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June 1979

Sydenham's Chorea and Epileptic Seizures

Author Affiliations

University of Utah College of Medicine Salt Lake City, UT 84132

Arch Neurol. 1979;36(6):388. doi:10.1001/archneur.1979.00500420098022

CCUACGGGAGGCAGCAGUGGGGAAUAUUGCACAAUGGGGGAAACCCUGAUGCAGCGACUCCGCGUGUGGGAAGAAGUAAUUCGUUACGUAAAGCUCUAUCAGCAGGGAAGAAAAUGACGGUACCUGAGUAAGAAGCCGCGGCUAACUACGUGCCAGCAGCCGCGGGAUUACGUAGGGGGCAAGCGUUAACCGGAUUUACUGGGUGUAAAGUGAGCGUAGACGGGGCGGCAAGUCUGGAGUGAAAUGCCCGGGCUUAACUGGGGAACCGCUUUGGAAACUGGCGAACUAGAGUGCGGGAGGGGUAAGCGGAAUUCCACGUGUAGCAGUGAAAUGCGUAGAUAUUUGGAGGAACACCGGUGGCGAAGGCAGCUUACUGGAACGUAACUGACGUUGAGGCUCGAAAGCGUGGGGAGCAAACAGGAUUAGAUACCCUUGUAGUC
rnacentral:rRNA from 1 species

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To the Editor.—  I would like to express my sincere and serious doubts about the implications of the report suggesting a significant association between Sydenham's chorea and epileptic seizures (Arch Neurol 35:382-385, 1978). I would agree completely with the authors' opening statement, "The observation of convulsion during Sydenham's chorea has not been well documented." The authors describe two choreic children who exhibited episodic behavioral abnormalities during the course of chorea in conjunction with EEG abnormalities and conclude that the patients had "complex partial seizures."I am not convinced of their conclusions for several reasons. In any large series of patients with rheumatic chorea, one can expect to see emotional, behavioral, and mental aberrations that range from acute emotional lability to overt psychosis. This is well documented. Furthermore, one would be hard put to differentiate the motor component of a complex partial seizure from the wild and variable movements commonly seen in

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